Laparoscopic Surgery

Benign Prostatic Hyperplasia (BPH) refers to the benign growing of the prostatic tissue (information about prostate cancer is available here).  When the urethra leaves the bladder, it crosses part of the prostate. For this reason, when the prostate enlarges, it ends up squeezing the intraprostatic urethra, causing some urinary difficulties.  This process is very common in men, starting at the age of 40, and as they get older, it tends to progress, obstructing the urinary flow and complicating the urine stocking.

Initially, this pathology is usually treated clinically, through medications that relax the intraprostatic musculature (alpha-blockers) or that make the hyperplasiated tissue (finasteride e dutasteride) recede.  When the use of such medications does not offer the desired result, or when the patient already presents severe alterations of the bladder or the kidneys, it is up to the physician to surgically remove this tissue which blocks the urethra.  In the past, this procedure was made, above all, through open techniques, however, today, in the minimally invasive surgery era; it can be done through a transurethral or laparoscopic technic.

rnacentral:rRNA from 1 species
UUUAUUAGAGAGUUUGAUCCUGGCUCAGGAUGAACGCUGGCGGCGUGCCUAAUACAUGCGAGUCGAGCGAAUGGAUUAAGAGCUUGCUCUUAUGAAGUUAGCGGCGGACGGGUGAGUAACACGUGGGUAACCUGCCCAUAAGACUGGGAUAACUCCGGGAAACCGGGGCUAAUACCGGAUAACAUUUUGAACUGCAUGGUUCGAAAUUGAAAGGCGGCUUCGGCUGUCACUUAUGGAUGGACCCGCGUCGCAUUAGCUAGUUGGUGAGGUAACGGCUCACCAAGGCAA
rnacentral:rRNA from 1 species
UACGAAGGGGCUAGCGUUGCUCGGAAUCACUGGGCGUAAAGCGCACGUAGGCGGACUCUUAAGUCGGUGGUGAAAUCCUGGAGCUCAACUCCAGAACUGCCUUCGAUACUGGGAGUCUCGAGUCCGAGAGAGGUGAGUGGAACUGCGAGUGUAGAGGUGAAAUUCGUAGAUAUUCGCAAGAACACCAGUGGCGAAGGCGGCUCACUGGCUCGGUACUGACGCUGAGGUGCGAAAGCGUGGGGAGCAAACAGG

The laparoscopic technique is indicated for the voluminous prostates (above 80g).  The urethral techniques can be used in practically all the patients who need this surgery.  The most common are: Transurethral Resection (TUR), Holmium Laser Enucleation (HoLEP) and Prostatic Vaporization (Plasma Button), which is the main innovation in this field.

Main advantages: better safety against hydric intoxication, because of the usage of physiological saline solution, very little bleeding, reduced vesical probe time postoperatively, less hospitalization time, and it can be used safely in cardiac patients who take medications to reduce the blood coagulation or who make use of electronic devices like a pacemaker and a defibrillator, since it uses bipolar current, which is ideal in these cases.



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